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Grass mowing competition Federal Ministry of Culture and Sport of Bosnia and Herzegovina

Kupres is a municipality (population under 3,000) in western central Bosnia-Herzegovina, about 90 miles west of Sarajevo. Each July, people gather to watch what might be the only competition in the world that doubles as functional landscaping. Men wearing traditional dress take to Strljanica, a meadow, with handmade scythes. Winners are determined by the time, effort and amount of grass they mow. To win is to become a “chief mower” and to join an exclusive line of champions that stretches back generations. The grass mowing competition traces its roots back 200 years, though some say it’s much older. It evolved from a necessity—locals traveling the mountainous region during the spring months had to cut down grass to be stored to feed the prized cattle through the punishing winter. Mastering the grass-cutting skill is only part of scoring well. Participants must be as adept with specialized maintenance tools as they are with the scythes, which often require sharpening or repairs during the contest. The competition takes place amid a festival-like atmosphere, featuring animal shows, crafts, song and dance.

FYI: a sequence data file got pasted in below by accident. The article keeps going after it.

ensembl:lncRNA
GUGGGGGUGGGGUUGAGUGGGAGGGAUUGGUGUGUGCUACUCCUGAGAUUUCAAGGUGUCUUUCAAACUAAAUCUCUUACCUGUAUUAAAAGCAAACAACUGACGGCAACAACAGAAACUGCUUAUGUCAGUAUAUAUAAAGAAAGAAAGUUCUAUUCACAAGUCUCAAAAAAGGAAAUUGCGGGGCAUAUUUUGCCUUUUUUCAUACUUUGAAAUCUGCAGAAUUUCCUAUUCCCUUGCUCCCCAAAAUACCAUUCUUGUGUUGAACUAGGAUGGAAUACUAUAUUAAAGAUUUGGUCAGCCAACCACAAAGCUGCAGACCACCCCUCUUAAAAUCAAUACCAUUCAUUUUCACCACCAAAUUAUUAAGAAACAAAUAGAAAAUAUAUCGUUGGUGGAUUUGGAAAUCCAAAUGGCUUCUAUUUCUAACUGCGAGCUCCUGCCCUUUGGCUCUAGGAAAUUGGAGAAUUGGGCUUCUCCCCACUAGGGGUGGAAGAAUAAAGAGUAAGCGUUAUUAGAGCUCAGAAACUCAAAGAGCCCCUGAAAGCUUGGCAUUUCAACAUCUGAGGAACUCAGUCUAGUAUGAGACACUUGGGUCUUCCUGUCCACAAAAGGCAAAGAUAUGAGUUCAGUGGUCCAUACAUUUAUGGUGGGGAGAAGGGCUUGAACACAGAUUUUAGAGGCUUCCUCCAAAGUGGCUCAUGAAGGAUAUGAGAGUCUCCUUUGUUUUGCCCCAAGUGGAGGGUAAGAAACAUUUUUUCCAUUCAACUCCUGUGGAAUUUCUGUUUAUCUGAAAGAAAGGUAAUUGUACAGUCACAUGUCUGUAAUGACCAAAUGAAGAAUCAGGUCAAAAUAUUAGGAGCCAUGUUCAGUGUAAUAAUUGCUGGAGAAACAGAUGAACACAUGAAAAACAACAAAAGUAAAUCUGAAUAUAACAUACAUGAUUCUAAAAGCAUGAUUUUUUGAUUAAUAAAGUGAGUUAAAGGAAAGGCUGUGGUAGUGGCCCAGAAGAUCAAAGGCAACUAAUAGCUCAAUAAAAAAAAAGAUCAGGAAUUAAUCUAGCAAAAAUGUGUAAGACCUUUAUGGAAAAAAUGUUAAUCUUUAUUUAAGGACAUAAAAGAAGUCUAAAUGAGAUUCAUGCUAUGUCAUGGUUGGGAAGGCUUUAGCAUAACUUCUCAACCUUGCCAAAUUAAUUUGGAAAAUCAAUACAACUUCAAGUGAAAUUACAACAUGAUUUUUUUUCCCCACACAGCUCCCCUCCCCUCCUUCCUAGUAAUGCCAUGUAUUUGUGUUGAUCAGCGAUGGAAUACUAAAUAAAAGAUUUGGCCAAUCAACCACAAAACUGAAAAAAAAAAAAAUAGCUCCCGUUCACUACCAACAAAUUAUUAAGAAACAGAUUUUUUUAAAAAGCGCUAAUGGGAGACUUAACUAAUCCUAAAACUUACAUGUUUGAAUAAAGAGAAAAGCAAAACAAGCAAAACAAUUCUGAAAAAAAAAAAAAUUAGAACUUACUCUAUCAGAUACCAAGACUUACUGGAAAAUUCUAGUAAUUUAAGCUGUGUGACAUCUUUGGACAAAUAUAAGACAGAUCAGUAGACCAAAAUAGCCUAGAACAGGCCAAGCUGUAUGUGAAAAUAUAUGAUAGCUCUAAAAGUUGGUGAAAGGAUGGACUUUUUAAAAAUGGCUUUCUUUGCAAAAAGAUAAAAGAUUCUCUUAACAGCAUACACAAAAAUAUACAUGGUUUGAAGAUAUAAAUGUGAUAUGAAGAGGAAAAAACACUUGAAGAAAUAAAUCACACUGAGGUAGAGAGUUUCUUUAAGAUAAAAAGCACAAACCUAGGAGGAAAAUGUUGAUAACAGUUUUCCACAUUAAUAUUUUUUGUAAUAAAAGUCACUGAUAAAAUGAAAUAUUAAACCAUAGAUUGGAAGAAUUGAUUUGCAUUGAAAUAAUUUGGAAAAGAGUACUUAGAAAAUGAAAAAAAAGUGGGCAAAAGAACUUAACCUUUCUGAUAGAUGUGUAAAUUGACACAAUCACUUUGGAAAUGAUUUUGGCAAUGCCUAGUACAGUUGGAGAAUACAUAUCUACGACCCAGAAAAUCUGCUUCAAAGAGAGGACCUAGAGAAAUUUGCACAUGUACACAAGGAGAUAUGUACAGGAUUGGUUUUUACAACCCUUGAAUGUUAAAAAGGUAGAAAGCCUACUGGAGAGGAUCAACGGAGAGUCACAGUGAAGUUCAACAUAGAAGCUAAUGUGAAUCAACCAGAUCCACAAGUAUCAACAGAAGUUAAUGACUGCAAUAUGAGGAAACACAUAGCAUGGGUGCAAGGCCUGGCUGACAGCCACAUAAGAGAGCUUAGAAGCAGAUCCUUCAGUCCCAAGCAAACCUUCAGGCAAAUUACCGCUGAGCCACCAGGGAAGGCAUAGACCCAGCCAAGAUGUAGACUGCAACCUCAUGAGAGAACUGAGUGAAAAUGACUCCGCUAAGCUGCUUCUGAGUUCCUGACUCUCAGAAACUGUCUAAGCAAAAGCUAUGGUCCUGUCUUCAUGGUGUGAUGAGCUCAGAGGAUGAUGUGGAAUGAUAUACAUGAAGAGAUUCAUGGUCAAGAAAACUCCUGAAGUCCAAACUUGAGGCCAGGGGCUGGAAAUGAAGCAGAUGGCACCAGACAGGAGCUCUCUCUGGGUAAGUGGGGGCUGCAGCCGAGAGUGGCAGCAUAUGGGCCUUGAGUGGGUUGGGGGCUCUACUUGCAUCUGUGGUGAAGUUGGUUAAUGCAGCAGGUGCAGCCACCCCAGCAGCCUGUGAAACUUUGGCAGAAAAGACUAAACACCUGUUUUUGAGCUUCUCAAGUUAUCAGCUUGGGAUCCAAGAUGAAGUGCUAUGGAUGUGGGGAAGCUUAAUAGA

Ritual and festive expressions of the Congo culture, Panama

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Congo culture MICI, 2016

January 20 through Ash Wednesday, in April, is Congo season in Panama. During the festive stretch of time, descendants of slaves brought from Africa to Panama in colonial times commemorate their heritage and celebrate their freedom. Seasonal rituals include singing and barefoot dancing, a means of connecting with the earth. Many of the dances, passed down through oral traditions, are enactments of traditional stories. The women in the community celebrate by wearing colorful dresses that evoke the time when they were slaves during Panama’s colonial period, from 1538 to 1821, and had to sneak their masters’ clothing for lack of other garments. The season culminates on Ash Wednesday, when, in coastal cities, like Portobelo, a dramatic communal performance portrays the matriarch community defeating a costumed devil with an ebullient baptism, a symbol of their freedom.

Festivity of Las Parrandas, Cuba

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Festivity of Las Parrandas National Council for Cultural Heritage, Cuba, 2014